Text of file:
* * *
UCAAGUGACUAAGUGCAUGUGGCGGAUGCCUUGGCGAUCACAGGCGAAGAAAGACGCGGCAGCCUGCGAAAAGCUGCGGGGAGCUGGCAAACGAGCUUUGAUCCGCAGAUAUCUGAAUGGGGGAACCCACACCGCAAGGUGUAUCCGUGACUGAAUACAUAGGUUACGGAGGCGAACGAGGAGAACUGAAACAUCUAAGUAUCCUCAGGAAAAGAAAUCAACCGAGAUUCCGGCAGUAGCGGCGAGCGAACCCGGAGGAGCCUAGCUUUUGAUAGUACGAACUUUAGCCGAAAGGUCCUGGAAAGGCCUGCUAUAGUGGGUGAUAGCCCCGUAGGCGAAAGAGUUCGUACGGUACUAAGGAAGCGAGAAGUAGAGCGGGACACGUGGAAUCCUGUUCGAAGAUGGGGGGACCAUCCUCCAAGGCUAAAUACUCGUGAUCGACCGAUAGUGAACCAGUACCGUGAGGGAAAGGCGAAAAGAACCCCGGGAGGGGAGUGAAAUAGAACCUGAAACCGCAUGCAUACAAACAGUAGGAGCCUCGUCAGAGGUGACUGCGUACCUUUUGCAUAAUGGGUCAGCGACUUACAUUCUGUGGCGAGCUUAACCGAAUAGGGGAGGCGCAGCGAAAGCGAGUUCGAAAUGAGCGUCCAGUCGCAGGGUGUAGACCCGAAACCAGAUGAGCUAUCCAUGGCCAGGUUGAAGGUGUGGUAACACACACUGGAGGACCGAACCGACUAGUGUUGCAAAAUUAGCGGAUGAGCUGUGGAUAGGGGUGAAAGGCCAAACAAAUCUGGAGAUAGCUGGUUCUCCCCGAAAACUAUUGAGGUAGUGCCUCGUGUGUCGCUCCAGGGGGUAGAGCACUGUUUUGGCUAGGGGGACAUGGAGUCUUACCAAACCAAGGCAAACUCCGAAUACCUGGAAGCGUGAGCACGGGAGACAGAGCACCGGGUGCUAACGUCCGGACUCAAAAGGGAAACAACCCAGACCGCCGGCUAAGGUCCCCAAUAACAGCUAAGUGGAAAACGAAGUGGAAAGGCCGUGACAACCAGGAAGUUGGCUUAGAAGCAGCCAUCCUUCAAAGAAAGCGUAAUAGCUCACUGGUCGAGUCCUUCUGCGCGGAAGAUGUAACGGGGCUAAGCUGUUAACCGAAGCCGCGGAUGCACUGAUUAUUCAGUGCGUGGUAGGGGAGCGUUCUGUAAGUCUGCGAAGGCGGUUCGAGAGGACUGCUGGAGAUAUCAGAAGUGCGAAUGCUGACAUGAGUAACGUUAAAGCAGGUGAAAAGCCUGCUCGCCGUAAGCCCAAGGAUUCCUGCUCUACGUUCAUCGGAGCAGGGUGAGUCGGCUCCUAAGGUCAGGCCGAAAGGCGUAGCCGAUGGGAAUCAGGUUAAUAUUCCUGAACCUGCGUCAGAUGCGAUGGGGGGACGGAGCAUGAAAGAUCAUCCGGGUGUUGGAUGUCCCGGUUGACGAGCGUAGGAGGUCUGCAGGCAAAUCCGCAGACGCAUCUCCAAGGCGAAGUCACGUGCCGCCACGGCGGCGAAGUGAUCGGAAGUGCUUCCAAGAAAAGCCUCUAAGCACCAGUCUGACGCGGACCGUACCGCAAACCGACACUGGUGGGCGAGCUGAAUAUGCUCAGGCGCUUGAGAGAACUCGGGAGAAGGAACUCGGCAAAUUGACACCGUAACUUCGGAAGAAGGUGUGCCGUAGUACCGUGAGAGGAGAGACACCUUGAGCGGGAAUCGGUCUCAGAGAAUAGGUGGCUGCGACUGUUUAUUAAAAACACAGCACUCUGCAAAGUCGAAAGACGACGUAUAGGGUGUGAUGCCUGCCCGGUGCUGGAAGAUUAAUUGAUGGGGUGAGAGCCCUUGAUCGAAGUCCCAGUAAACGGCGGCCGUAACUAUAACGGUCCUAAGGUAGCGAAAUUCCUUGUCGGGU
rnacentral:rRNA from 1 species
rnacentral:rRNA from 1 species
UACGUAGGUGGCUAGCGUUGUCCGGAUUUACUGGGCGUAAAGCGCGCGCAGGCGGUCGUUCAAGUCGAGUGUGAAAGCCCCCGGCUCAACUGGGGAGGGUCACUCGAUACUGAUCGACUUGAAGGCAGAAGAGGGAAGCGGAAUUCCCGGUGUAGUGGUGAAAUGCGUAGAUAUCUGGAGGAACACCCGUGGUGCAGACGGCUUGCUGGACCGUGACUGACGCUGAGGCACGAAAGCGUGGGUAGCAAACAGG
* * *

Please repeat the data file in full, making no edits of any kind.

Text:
UCAAGUGACUAAGUGCAUGUGGCGGAUGCCUUGGCGAUCACAGGCGAAGAAAGACGCGGCAGCCUGCGAAAAGCUGCGGGGAGCUGGCAAACGAGCUUUGAUCCGCAGAUAUCUGAAUGGGGGAACCCACACCGCAAGGUGUAUCCGUGACUGAAUACAUAGGUUACGGAGGCGAACGAGGAGAACUGAAACAUCUAAGUAUCCUCAGGAAAAGAAAUCAACCGAGAUUCCGGCAGUAGCGGCGAGCGAACCCGGAGGAGCCUAGCUUUUGAUAGUACGAACUUUAGCCGAAAGGUCCUGGAAAGGCCUGCUAUAGUGGGUGAUAGCCCCGUAGGCGAAAGAGUUCGUACGGUACUAAGGAAGCGAGAAGUAGAGCGGGACACGUGGAAUCCUGUUCGAAGAUGGGGGGACCAUCCUCCAAGGCUAAAUACUCGUGAUCGACCGAUAGUGAACCAGUACCGUGAGGGAAAGGCGAAAAGAACCCCGGGAGGGGAGUGAAAUAGAACCUGAAACCGCAUGCAUACAAACAGUAGGAGCCUCGUCAGAGGUGACUGCGUACCUUUUGCAUAAUGGGUCAGCGACUUACAUUCUGUGGCGAGCUUAACCGAAUAGGGGAGGCGCAGCGAAAGCGAGUUCGAAAUGAGCGUCCAGUCGCAGGGUGUAGACCCGAAACCAGAUGAGCUAUCCAUGGCCAGGUUGAAGGUGUGGUAACACACACUGGAGGACCGAACCGACUAGUGUUGCAAAAUUAGCGGAUGAGCUGUGGAUAGGGGUGAAAGGCCAAACAAAUCUGGAGAUAGCUGGUUCUCCCCGAAAACUAUUGAGGUAGUGCCUCGUGUGUCGCUCCAGGGGGUAGAGCACUGUUUUGGCUAGGGGGACAUGGAGUCUUACCAAACCAAGGCAAACUCCGAAUACCUGGAAGCGUGAGCACGGGAGACAGAGCACCGGGUGCUAACGUCCGGACUCAAAAGGGAAACAACCCAGACCGCCGGCUAAGGUCCCCAAUAACAGCUAAGUGGAAAACGAAGUGGAAAGGCCGUGACAACCAGGAAGUUGGCUUAGAAGCAGCCAUCCUUCAAAGAAAGCGUAAUAGCUCACUGGUCGAGUCCUUCUGCGCGGAAGAUGUAACGGGGCUAAGCUGUUAACCGAAGCCGCGGAUGCACUGAUUAUUCAGUGCGUGGUAGGGGAGCGUUCUGUAAGUCUGCGAAGGCGGUUCGAGAGGACUGCUGGAGAUAUCAGAAGUGCGAAUGCUGACAUGAGUAACGUUAAAGCAGGUGAAAAGCCUGCUCGCCGUAAGCCCAAGGAUUCCUGCUCUACGUUCAUCGGAGCAGGGUGAGUCGGCUCCUAAGGUCAGGCCGAAAGGCGUAGCCGAUGGGAAUCAGGUUAAUAUUCCUGAACCUGCGUCAGAUGCGAUGGGGGGACGGAGCAUGAAAGAUCAUCCGGGUGUUGGAUGUCCCGGUUGACGAGCGUAGGAGGUCUGCAGGCAAAUCCGCAGACGCAUCUCCAAGGCGAAGUCACGUGCCGCCACGGCGGCGAAGUGAUCGGAAGUGCUUCCAAGAAAAGCCUCUAAGCACCAGUCUGACGCGGACCGUACCGCAAACCGACACUGGUGGGCGAGCUGAAUAUGCUCAGGCGCUUGAGAGAACUCGGGAGAAGGAACUCGGCAAAUUGACACCGUAACUUCGGAAGAAGGUGUGCCGUAGUACCGUGAGAGGAGAGACACCUUGAGCGGGAAUCGGUCUCAGAGAAUAGGUGGCUGCGACUGUUUAUUAAAAACACAGCACUCUGCAAAGUCGAAAGACGACGUAUAGGGUGUGAUGCCUGCCCGGUGCUGGAAGAUUAAUUGAUGGGGUGAGAGCCCUUGAUCGAAGUCCCAGUAAACGGCGGCCGUAACUAUAACGGUCCUAAGGUAGCGAAAUUCCUUGUCGGGU
rnacentral:rRNA from 1 species
rnacentral:rRNA from 1 species
UACGUAGGUGGCUAGCGUUGUCCGGAUUUACUGGGCGUAAAGCGCGCGCAGGCGGUCGUUCAAGUCGAGUGUGAAAGCCCCCGGCUCAACUGGGGAGGGUCACUCGAUACUGAUCGACUUGAAGGCAGAAGAGGGAAGCGGAAUUCCCGGUGUAGUGGUGAAAUGCGUAGAUAUCUGGAGGAACACCCGUGGUGCAGACGGCUUGCUGGACCGUGACUGACGCUGAGGCACGAAAGCGUGGGUAGCAAACAGG